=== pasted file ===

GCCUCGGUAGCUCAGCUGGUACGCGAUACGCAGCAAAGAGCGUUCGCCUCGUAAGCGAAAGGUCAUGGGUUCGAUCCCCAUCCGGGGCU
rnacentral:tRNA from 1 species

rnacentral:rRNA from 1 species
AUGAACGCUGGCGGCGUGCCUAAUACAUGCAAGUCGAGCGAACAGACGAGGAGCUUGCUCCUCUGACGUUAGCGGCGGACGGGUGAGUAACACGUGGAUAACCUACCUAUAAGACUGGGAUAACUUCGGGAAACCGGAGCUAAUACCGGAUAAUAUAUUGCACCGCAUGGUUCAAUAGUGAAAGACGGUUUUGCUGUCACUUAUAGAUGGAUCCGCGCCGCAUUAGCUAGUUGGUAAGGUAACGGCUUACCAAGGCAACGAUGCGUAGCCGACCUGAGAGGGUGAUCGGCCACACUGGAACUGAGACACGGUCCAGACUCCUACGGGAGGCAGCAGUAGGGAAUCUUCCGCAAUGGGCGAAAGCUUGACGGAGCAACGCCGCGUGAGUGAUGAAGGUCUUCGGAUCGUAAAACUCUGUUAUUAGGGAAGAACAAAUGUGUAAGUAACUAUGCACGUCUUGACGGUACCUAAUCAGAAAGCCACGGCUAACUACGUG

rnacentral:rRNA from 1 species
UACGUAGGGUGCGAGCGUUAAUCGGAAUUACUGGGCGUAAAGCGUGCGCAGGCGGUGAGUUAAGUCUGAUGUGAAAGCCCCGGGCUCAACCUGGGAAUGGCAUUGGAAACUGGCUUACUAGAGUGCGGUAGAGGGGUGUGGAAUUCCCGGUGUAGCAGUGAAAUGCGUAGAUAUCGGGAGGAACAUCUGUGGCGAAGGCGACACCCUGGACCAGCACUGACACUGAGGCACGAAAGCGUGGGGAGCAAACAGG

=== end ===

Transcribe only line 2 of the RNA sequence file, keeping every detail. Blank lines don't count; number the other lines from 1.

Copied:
rnacentral:tRNA from 1 species